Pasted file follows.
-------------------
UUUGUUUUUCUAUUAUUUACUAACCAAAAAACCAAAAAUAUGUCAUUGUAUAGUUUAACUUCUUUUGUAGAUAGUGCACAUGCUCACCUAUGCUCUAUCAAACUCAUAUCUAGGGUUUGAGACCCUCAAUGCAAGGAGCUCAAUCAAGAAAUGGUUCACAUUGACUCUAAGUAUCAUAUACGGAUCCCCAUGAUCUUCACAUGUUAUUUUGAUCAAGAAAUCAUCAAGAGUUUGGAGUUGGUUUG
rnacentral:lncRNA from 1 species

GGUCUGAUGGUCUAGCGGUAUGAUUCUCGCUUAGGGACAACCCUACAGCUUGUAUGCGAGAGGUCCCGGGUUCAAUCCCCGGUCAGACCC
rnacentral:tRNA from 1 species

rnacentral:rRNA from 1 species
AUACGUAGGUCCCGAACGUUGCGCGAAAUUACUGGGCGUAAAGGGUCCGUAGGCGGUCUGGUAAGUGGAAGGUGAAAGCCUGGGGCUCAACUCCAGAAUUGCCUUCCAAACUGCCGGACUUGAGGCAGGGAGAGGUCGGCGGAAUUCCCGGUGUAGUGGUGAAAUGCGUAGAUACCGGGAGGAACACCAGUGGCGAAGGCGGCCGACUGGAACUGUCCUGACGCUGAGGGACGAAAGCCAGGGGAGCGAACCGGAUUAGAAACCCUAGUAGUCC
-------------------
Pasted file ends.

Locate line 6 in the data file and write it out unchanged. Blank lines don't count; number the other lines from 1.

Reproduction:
AUACGUAGGUCCCGAACGUUGCGCGAAAUUACUGGGCGUAAAGGGUCCGUAGGCGGUCUGGUAAGUGGAAGGUGAAAGCCUGGGGCUCAACUCCAGAAUUGCCUUCCAAACUGCCGGACUUGAGGCAGGGAGAGGUCGGCGGAAUUCCCGGUGUAGUGGUGAAAUGCGUAGAUACCGGGAGGAACACCAGUGGCGAAGGCGGCCGACUGGAACUGUCCUGACGCUGAGGGACGAAAGCCAGGGGAGCGAACCGGAUUAGAAACCCUAGUAGUCC